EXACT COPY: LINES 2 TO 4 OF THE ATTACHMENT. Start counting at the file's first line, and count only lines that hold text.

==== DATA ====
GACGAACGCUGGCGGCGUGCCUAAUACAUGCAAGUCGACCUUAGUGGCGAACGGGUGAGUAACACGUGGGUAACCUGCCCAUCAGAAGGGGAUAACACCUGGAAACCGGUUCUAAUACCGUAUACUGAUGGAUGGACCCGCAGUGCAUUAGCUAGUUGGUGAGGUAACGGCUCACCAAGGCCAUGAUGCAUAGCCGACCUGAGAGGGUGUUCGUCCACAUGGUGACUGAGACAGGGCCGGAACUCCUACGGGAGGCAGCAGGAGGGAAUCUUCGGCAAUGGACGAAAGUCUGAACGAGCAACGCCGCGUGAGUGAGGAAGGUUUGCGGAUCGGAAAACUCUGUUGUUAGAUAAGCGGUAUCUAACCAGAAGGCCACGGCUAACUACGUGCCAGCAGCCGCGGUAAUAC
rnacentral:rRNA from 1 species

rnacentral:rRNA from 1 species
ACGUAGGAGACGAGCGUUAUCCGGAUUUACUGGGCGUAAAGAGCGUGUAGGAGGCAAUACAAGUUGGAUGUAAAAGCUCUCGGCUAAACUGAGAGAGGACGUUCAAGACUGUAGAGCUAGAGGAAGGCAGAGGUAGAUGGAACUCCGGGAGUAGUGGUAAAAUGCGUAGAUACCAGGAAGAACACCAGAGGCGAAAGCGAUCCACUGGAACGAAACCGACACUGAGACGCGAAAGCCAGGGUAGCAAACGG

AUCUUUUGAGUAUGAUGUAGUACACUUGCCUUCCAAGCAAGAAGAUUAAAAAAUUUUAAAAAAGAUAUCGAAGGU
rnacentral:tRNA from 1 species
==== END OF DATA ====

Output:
rnacentral:rRNA from 1 species

rnacentral:rRNA from 1 species
ACGUAGGAGACGAGCGUUAUCCGGAUUUACUGGGCGUAAAGAGCGUGUAGGAGGCAAUACAAGUUGGAUGUAAAAGCUCUCGGCUAAACUGAGAGAGGACGUUCAAGACUGUAGAGCUAGAGGAAGGCAGAGGUAGAUGGAACUCCGGGAGUAGUGGUAAAAUGCGUAGAUACCAGGAAGAACACCAGAGGCGAAAGCGAUCCACUGGAACGAAACCGACACUGAGACGCGAAAGCCAGGGUAGCAAACGG